• The reduction in court filings actually reflects an increase in often less-costly and quicker alternative resolution strategies to settle claims, such as arbitration, mediation, and settlements
  • There is no data demonstrating that the current rule deprives alleged victims of justice
    • There has been no public outcry or demand for change for 17 years. There is no evidence that the counties where liability actions are being litigated are not rendering fair results
    • The 2002 reform led to a more balanced legal climate, and made Pennsylvania a more attractive state to practice medicine
  • The proposal does not recognize changes in health care since 2002
    • Workforce shortages––Pennsylvania will face a deficit of approximately 1,000 primary care physicians by 2025, or about 10 percent less than the estimated primary care physicians needed to serve Pennsylvania’s population8
    • Quality and safety reforms––Creation of the Patient Safety Authority, apology law, disclosure requirements, and major quality improvements
    • Hospital consolidations––Since 2000, the number of hospitals affiliated with health systems has risen by 88 percent9; trial lawyers will try to pull even more cases to Philadelphia and Allegheny counties in search of higher payouts

HAP POSITION:  Protect Access to Health Care

HAP requests that the Supreme Court Rules of Civil Procedure Committee protect Pennsylvanians access to health care and withdraw its proposal to once again allow venue shopping.

HAP supports Senate Resolution 20, sponsored by Senator Lisa Baker (R-Luzerne) calling for a study of the issue by the Legislative Budget and Finance Committee.


1Bovbjerg RR and Bartow A. Understanding Pennsylvania’s Medical Malpractice Crisis: Facts about Liability Insurance, the Legal System, and Health Care in Pennsylvania. Pew Charitable Trusts Project on Medical Liability in Pennsylvania. 2003. Last accessed: 1/25/2019
2Trial Lawyers, Inc. Philadelphia. Center for Legal Policy, Manhattan Institute. No. 10, October Update. Last accessed: 1/24/2019
4Prepared statement of Shelby L. Wilbourn, MD, representing the American College of Obstetricians and Gynecologists, on “Patient Access Crisis: The Role of Medical Litigation,” a joint hearing before the Committee on the Judiciary and the Committee on Health, Education, Labor, and Pensions (Senate Hearing 108-253) on “Examining the Status of Patient Access to Quality Health Care, Focusing on the Role of Medical Litigation and Malpractice Reform.” 2/11/2003. Last accessed 1/24/2019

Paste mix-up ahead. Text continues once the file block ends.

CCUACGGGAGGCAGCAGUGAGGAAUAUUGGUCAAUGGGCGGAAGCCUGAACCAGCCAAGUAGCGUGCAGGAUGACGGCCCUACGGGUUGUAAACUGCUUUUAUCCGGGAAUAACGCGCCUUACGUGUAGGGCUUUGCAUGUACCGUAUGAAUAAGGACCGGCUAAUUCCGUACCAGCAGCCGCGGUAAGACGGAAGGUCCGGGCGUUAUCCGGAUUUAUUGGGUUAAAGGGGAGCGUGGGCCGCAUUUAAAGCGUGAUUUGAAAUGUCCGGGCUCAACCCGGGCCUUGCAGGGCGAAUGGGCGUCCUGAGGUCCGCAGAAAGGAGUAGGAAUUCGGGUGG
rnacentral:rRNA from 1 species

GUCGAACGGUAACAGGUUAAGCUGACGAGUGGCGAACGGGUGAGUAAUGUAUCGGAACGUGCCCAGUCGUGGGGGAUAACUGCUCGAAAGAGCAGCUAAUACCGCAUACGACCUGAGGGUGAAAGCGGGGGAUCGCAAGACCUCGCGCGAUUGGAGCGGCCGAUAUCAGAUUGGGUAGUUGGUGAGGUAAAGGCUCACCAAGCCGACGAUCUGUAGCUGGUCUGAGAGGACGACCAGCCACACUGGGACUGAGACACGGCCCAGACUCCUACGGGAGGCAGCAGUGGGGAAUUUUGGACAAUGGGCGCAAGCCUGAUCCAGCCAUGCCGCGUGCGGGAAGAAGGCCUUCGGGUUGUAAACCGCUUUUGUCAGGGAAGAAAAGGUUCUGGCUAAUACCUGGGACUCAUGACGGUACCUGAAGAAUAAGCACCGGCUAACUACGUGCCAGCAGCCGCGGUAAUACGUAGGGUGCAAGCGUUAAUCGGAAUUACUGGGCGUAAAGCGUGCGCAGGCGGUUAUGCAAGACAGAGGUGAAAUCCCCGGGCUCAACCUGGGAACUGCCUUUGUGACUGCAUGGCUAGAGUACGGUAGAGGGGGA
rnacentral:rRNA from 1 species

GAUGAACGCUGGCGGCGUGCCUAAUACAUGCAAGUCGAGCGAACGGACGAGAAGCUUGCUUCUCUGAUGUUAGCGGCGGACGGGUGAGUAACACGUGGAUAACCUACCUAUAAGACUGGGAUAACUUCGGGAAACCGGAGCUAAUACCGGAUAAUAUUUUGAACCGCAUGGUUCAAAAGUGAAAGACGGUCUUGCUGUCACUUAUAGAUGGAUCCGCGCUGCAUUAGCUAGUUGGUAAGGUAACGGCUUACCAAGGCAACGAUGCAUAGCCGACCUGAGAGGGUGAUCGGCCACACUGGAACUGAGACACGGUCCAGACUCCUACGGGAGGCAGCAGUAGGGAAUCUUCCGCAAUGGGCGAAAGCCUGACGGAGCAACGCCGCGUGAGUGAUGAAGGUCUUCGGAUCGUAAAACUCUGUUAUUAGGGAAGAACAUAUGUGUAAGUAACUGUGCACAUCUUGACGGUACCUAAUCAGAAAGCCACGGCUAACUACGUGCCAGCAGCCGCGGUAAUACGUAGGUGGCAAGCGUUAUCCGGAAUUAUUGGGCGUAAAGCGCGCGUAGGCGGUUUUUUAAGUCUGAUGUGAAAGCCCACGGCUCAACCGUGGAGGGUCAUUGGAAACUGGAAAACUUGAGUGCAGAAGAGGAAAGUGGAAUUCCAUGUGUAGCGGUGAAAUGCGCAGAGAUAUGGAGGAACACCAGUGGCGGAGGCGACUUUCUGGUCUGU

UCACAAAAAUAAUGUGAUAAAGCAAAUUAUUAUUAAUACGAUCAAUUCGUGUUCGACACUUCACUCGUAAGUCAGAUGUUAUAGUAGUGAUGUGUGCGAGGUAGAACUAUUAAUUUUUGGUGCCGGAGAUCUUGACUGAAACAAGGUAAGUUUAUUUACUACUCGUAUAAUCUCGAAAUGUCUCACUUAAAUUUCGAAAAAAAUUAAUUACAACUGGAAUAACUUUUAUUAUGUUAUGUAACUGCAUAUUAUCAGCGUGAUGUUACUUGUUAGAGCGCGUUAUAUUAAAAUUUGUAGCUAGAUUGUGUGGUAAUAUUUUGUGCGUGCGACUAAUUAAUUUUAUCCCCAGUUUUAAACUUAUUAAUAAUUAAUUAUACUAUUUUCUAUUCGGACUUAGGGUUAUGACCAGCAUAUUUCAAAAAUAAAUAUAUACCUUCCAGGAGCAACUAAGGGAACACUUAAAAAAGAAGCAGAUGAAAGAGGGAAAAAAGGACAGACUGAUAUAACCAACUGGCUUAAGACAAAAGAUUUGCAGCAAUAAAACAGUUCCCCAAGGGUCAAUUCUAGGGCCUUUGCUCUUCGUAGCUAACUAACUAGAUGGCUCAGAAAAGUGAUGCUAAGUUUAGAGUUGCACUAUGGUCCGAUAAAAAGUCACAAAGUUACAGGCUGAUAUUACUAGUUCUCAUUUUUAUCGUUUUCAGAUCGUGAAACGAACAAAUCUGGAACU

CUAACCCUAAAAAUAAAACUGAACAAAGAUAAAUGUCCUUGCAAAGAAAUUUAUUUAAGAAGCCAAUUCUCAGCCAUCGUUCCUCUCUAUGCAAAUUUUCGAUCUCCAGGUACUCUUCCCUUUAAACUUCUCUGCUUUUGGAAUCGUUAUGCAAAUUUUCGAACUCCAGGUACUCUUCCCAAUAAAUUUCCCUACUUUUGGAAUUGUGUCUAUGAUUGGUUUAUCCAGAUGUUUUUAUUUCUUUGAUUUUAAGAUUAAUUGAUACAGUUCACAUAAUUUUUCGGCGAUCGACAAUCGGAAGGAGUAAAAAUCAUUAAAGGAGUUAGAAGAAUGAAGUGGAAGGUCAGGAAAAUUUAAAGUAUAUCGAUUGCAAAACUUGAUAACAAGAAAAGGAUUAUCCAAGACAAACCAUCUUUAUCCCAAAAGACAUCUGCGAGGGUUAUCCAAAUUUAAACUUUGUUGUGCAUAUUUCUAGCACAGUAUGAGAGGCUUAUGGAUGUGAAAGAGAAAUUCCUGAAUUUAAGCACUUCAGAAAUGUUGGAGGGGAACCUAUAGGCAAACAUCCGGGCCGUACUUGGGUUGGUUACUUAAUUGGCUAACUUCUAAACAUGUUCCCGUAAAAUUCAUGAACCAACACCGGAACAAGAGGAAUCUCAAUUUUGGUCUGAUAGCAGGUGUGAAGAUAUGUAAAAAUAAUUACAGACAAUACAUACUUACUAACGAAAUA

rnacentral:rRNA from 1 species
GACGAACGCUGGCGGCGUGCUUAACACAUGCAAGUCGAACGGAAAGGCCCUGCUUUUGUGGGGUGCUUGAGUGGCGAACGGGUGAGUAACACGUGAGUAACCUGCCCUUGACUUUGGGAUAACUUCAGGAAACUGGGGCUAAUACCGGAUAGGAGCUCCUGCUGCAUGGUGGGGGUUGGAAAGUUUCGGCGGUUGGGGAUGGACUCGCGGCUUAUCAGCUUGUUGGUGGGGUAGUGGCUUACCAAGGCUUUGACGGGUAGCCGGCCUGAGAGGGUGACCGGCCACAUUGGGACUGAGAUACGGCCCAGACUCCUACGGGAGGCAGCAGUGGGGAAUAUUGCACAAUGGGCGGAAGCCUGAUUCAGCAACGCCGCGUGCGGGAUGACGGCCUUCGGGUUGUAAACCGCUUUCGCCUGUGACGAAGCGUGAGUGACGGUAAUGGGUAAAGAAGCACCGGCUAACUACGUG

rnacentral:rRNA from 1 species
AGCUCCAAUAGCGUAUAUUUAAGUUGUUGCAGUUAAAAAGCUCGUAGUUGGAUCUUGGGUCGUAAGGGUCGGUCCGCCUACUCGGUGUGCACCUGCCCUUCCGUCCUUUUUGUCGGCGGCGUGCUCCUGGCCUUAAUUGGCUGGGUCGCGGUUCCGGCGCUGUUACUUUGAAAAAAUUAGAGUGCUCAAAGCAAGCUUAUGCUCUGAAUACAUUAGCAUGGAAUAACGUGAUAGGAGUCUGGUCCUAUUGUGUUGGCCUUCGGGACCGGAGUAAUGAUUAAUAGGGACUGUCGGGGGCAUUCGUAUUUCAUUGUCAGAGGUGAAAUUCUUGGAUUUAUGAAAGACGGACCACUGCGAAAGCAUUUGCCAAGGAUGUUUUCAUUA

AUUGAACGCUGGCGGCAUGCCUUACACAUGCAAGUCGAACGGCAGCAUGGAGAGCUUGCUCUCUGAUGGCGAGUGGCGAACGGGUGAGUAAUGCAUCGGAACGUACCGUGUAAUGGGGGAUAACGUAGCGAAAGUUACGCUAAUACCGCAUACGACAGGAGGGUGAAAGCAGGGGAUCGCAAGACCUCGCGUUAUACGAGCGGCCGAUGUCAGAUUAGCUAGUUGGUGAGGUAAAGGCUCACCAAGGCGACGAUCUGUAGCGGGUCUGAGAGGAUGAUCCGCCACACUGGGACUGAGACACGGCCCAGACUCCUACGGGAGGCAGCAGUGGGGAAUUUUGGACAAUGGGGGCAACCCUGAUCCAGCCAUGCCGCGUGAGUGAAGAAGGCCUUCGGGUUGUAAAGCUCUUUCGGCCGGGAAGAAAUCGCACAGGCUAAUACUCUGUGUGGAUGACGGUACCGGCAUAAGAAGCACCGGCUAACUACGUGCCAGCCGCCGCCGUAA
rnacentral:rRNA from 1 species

5Medical Malpractice Statistics. The Unified Judicial System of Pennsylvania. Last accessed: 1/24/2019
6HAP analysis of Pennsylvania Department of Health, Division of Health Informatics Annual Hospital Survey data, 1999 through 2005
7Milliman Research Report, Review of Proposed Amendment of Pennsylvania Rules of Civil Procedure Nos. 1006, 2130, 2156, and 2179: Governing Venue in Medical Professional Liability Actions in Pennsylvania February 18, 2019, Thomas Ryan, Principal, FCAS, MAAA Carissa Lorie, Analyst
8Based upon state-level projections of physician supply and demand performed by the U.S. Department of Health and Human Services’ Health Resources and Services Administration
9“Hospital Consolidation: Longitudinal Trends of Pennsylvania’s Independent and System-Affiliated General Acute Care Licensed Hospitals.” HAP’s 2018 analysis of Pennsylvania Department of Health, Division of Health Informatics’ Annual Hospital Survey data, 2000 through mid-Q4 2017


Topics: Medical Liability, State Advocacy, Workforce

Revision Date: 3/15/2019